Our lunging continuum progresses to the forward lunge. Like the walking lunge, the forward lunge requires the working leg a significant amount of deceleration – making it a fantastic training movement for athletes that stop and go throughout play.
In the walking lunge, the whole of the athlete’s bodyweight follows the step. In the forward lunge, the load must be controlled through the deceleration, and immediately be reversed to return to the starting position.
Because of the difficulty of absorbing and quickly generating force into the ground, this movement is only appropriate for athletes with strong knees that can control the shearing force on the working knee. The athlete should never allow the knee to significantly drift pass the toes if patellar shearing is an issue.
Our lunging continuum finishes with power lunging variations. Athletes can now introduce power elements into their movements. I like to implement the kettlebell clean into power lunging because of the greater demand on the body to stabilize the external load.
The athlete can use one or two kettlebell, start from a stationary or dynamic position, and catch the bells in a rack as they finish their lunge. This movement will train athleticism since greater control, balance, agility, proprioception, timing, and coordination are required.
Train with Precision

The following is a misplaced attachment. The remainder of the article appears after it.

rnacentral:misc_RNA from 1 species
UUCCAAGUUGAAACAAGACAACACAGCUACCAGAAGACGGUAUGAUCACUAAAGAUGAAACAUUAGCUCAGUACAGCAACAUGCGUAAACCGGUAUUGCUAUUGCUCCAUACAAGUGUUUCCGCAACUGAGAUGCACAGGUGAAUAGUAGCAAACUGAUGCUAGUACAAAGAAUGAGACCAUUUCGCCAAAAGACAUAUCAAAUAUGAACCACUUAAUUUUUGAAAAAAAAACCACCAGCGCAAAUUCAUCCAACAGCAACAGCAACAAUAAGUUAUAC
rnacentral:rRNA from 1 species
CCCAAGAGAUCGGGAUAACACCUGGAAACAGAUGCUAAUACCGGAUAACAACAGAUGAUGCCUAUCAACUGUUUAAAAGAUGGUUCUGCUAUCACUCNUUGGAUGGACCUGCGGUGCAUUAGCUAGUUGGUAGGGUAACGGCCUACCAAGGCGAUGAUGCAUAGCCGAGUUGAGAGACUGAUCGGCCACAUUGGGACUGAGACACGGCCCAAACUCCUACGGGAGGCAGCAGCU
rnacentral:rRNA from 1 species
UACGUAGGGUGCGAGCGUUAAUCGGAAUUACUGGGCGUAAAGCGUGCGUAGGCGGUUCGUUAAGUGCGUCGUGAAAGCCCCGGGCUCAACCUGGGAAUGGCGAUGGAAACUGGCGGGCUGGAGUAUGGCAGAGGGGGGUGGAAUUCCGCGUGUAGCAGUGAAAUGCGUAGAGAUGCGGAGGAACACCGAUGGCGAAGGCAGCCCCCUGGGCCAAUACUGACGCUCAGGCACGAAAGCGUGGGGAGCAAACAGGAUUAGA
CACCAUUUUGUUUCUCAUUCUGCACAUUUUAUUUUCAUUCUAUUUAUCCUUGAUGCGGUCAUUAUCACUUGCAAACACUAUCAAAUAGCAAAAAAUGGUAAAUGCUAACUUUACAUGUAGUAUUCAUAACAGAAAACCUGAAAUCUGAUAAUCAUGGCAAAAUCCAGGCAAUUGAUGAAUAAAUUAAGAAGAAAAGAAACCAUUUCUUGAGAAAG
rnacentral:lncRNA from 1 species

The aforementioned lunging variations are prudent teaching tools for the strength trainer. Only after each progression has been mastered should the athlete advance to a more difficult variation or higher loading.
It’s important to realize that these lunging variations may not be appropriate for everyone. Although I believe that having the proficiency to lunge should be honed by all athletes, prior injuries, mobility, and flexibility should all be addressed before loading and programming lunges.
When trying any of the aforementioned lunging techniques, ensure that a full athletic warmup has been completed. It’s wise to engage to achieve a light sweat before exercise and especially before loading lunges.
I recommend consulting a knowledgeable strength and conditioning specialist before engaging in any loaded or unloaded lunging techniques. Movement quality is everything. Sloppy reps expose the body to injury.
Originally from San Diego, California, John Parker is a lifetime athlete and fitness enthusiast. He graduated from the University of California San Diego and soon after became a strength and wellness coach. John streamlines his clients’ results through diagnostic lab testing and total lifestyle design. Students benefit by learning how to effectively manage their diet, rest, exercise, stress reduction, and supplementation in the most focused way possible. John‘s interests include strength training, climbing, sleeping, and road trips to the mountains.Find John through the links at the bottom of this post.